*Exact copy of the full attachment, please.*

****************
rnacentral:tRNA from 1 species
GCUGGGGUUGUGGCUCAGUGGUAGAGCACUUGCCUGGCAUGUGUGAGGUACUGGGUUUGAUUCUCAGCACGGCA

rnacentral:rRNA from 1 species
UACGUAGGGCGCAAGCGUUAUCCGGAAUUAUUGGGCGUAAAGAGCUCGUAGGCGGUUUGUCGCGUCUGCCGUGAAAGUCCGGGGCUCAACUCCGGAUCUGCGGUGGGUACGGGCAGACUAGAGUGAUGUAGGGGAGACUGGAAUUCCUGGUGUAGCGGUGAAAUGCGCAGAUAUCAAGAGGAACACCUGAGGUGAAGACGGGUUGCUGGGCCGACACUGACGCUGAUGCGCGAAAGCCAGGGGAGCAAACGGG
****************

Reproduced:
rnacentral:tRNA from 1 species
GCUGGGGUUGUGGCUCAGUGGUAGAGCACUUGCCUGGCAUGUGUGAGGUACUGGGUUUGAUUCUCAGCACGGCA

rnacentral:rRNA from 1 species
UACGUAGGGCGCAAGCGUUAUCCGGAAUUAUUGGGCGUAAAGAGCUCGUAGGCGGUUUGUCGCGUCUGCCGUGAAAGUCCGGGGCUCAACUCCGGAUCUGCGGUGGGUACGGGCAGACUAGAGUGAUGUAGGGGAGACUGGAAUUCCUGGUGUAGCGGUGAAAUGCGCAGAUAUCAAGAGGAACACCUGAGGUGAAGACGGGUUGCUGGGCCGACACUGACGCUGAUGCGCGAAAGCCAGGGGAGCAAACGGG